The other attorney answers are on target. The only issue may be for your wife if you filed the petition for her residency based upon the marriage. The length of time the two of you were married is important, although the fact that you and she presumably had a child together should defeat any idea of there have been fraud in the marriage for purposes of establishing residency.
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The divorce process is not necessarily altered in any significant way as a result of your wife's immigration status. As long as you have been a resident of New Jersey for the past year and your wife has similar ties to New Jersey, New Jersey will have jurisdiction to address your divorce matter.
Issues of setting alimony and child support require more facts and information than you have provided, although if your annual income is truly only $27,000 a year your exposure to having a significant alimony obligation will surely be minimal.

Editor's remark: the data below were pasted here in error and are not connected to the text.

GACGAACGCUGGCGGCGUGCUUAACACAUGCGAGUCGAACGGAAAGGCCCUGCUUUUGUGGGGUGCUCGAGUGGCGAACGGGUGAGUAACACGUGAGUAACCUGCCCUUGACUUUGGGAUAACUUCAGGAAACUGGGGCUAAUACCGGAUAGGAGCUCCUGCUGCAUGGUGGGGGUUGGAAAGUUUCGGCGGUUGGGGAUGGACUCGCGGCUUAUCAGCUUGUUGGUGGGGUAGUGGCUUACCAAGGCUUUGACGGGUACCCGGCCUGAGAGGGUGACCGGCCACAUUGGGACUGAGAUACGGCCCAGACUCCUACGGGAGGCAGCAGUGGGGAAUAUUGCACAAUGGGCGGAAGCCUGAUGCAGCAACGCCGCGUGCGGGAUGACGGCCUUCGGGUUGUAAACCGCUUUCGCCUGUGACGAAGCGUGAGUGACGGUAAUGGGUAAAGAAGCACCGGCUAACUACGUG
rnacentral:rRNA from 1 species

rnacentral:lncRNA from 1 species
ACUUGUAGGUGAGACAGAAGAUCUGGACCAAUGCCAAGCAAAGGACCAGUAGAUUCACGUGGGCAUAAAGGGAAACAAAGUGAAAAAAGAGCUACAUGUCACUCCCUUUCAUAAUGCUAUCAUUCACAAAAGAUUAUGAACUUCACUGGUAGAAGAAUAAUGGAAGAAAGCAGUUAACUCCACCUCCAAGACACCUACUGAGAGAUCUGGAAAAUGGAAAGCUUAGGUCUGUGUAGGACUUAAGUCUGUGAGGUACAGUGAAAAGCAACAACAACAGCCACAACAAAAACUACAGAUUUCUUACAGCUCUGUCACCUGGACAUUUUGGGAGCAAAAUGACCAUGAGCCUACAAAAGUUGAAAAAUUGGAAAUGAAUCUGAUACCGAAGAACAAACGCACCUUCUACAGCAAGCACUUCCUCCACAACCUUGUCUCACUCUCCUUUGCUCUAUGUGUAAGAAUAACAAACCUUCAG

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I agree with the prior response. You appear to have jurisdiction in New Jersey and there is not enough info for us to know amounts for child support or alimony. There are many factors that go into these financial calculations and alimony is particularly tricky since it is not an exact formula. There may also be an immigration issue if you are indicating that your wife is not a permanent resident, because many times folks her illegally apply for their permanent residence through their marriage. Clearly, if you are divorcing, she can no longer use or rely upon you to become legal. If you can find a decent divorce lawyer in your area who also handles immigration issues, that may be your best bet. Best of luck to you.
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